We spoke to the Principal Health Economic Analyst at Medtronic Advanced Energy about the impact of the Affordable Care Act, the rising value of HEOR evidence, and the benefits of developing customer engagement apps in-house.
Can you tell us a little about Medtronic Advanced Energy?
We are one of the business units of Medtronic, under the umbrella of surgical technologies, and we were acquired as two start-ups about four years ago.
What’s your role at the company?
I’m the principal health economic analyst, or health economist. I joined Medtronic Advanced Energy about a year ago, and I run all of the health economic research, mostly running retrospective database studies, but also doing some modeling using publications.
Do you find that your kind of health economic research is more in demand in the field?
Yes, definitely. It looks like that’s the way the market is shifting in the U.S., towards value-based healthcare.
We’re still not at the same point that European countries are in terms of health economic modeling and submissions to HTAs, but Medicare is shifting, especially in one of our largest markets now, orthopedics.
They’re changing the payment structure for hospitals on that, and we’re trying to stay ahead of the curve in terms of having information that’s not just clinical, but also economic in nature.
What other industry trends have you noticed in your area of business?
In the surgery market, the changes I just described are at the top of my mind. There’s an initiative in the U.S. right now called the Bundled Payments program, which means that all care is provided under the same payment, from the day of admission through up to 90 days out, and the hospital is responsible for paying for all of that.
This creates a huge shift in terms of how hospitals are thinking about the value they’re providing during surgery. It’s not siloed to just the O.R. anymore, it goes out well beyond that. This really does require a whole new analysis of how healthcare costs are streaming through the system.
Are these changes connected with the Affordable Care Act? What has the impact of that been?
Yes, that’s part of what spurred these changes in hospital orthopedics. The three main pillars were to expand insurance coverage for everyone, improve quality and reduce costs. Those second two are really why we’re focusing on what we are: showing how we can provide a better clinical outcome at a reasonable cost. Now we have to be cost justifying everything, where before, especially in medical devices, it was more about showing the utility of the device.
Has this also created a more fragmented landscape of payers?
Not necessarily more, but it’s expanded the role of Medicaid in some states. That has shifted things a bit, and the ageing of the population has also put more pressure on Medicare. This is a major focus for Congress, and it’s raising the question of how we can pay for the future of healthcare, given the trajectory we’re on now.
What kinds of payer engagement app are you developing on BaseCase?
We use BaseCase to create interactive budget impact analysis apps for the U.S. market. We have one that is reimbursement focused, which pulls Medicare reimbursement information by hospital, so the rep is able to go in and select by region, state and then down to the hospital level what the reimbursement will be for some of our core procedure areas. That’s something that we expect to be used for targeting more than anything else.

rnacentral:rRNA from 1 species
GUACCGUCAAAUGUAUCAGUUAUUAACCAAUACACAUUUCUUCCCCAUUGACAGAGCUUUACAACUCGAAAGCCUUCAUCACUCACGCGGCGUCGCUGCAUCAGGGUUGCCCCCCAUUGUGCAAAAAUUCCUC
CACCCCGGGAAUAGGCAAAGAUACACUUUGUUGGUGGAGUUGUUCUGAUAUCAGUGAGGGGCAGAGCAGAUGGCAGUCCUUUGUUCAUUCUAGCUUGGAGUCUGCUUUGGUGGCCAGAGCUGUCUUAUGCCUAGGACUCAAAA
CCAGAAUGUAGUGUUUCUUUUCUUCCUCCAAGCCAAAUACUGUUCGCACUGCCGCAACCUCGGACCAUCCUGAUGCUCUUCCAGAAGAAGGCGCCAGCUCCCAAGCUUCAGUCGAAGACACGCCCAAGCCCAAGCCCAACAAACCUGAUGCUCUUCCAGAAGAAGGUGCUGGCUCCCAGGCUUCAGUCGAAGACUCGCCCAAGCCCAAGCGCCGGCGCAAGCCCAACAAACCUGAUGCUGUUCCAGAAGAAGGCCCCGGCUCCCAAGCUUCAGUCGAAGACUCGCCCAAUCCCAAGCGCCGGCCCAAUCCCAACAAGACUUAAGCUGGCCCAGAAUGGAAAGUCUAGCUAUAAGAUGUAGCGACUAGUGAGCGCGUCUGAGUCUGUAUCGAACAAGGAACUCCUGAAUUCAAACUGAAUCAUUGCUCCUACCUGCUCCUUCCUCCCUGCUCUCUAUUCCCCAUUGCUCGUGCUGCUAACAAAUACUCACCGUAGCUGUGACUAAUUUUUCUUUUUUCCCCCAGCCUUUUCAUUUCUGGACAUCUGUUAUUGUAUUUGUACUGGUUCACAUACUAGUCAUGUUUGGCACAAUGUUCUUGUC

By targeting, do you mean targeting a specific payer?
Targeting specific accounts. So for example the reps might be working in one region and spending a lot of time talking to a surgeon in a particular hospital, and this tool lets them see if that’s the best way to invest their time.
They can use it to see if there is another hospital in that region where our value message might be more effective. This might be for example if they have higher complication rates, it might be that they have a higher volume of cases, maybe they have relatively better reimbursement. It looks at the whole picture of how the hospital is doing from a quality standpoint and then also a payment standpoint.
So, before BaseCase, how did you create these tools?
Before BaseCase we really had nothing. Most of the materials that went to the field were one-page handouts or white papers. I know that one of our marketing managers several years ago hired a contractor to create an iPad app, but it wasn’t really used that much and it was very expensive to do.
That’s where we really sold the team on BaseCase, because we have ownership of the content and it’s flexible, so if we need to modify it because it’s not being used enough, we can do that much more easily that if you are using vendors.
What was the attraction of the software for you?
It was really the ability to create as many apps as we wanted, in-house. The field team’s pretty excited about it; they have their iPads with them all the time anyway, and the apps make some of these clinical studies more approachable for them. They don’t like necessarily reading through a whole health economics study, but if they can just swipe through the app, it’s easier, more useful.
Have you had a lot of feedback from key account managers?
We just rolled out apps for our two main products - Aquamantys and PlasmaBlade - to regional business directors. They were all very excited about it and enthusiastic about taking the apps out into the field.
Are you involved with the development of apps yourself? What has your experience been like?
Yes, I’m using it at the moment, and I’m training our new analyst on the software also. It’s been very easy, the drag and drop format is very intuitive. If I do have more technical questions I can email the support team.
I think the software is great, it’s really solved some problems for us. Being a small division of Medtronic, we just don’t have the budget to contract everything out, and it’s been really helpful to do everything in-house.